Strong Alcohol Policies Can Protect Against Binge Drinking, Study Says

Researchers found that the stricter the state laws, the less people binge drink.

Researchers at the Boston University School of Medicine (BUSM) and Boston Medical Center (BMC) found that strong alcohol policy can be a protective factor against binge drinking in the U.S. The study is published in the current issue of the American Journal of Preventive Medicine.

According to BUSM officials, binge drinking is responsible for more than half of the 80,000 alcohol-attributable deaths that occur each year in the U.S. “If alcohol policies were a newly discovered gene, pill or vaccine, we’d be investing billions of dollars to bring them to market,” says Dr. Tim Naimi, senior author of the study, associate professor of medicine at BUSM, and attending physician at BMC.

Previous research had demonstrated that individual alcohol policies can reduce risky drinking and the harms caused by alcohol but this is the first study to show how overall alcohol policy affects the numbers. States with stronger policy scores had lower rates of binge drinking, and states with larger increases in policies had larger decreases in binge drinking over time.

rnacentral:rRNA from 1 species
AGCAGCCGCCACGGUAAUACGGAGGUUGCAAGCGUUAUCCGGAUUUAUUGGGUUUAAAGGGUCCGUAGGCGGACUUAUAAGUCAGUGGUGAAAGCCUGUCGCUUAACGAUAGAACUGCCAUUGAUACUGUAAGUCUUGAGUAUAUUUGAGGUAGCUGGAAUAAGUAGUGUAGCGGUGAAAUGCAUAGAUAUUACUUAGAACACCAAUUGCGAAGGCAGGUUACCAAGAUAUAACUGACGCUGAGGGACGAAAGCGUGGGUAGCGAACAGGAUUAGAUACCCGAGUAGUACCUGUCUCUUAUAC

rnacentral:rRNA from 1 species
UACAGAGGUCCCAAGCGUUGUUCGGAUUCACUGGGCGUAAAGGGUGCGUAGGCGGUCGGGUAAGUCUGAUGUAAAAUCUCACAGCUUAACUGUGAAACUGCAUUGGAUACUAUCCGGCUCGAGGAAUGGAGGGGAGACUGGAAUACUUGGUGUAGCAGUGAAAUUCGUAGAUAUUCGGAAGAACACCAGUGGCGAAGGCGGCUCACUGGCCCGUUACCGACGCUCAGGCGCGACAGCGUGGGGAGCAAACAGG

Specifically, compared with states with weaker policy environments, states with stronger policy environments had only one-fourth of the likelihood of having binge drinking rates in the top 25% of states, even after accounting for a variety of factors associated with alcohol consumption such as age, sex, race, religious composition, income, geographic region, urban-rural differences, and levels of police and alcohol enforcement personnel.

“Unfortunately, most states have not taken advantage of these policies to help drinkers consume responsibly, and to protect innocent citizens from the devastating second-hand effects and economic costs from excessive drinking,” Naimi says. “The bottom line is that this study adds an important dimension to a large body of research demonstrating that alcohol policies matter – and matter a great deal – for reducing and preventing the fundamental building block of alcohol-related problems.”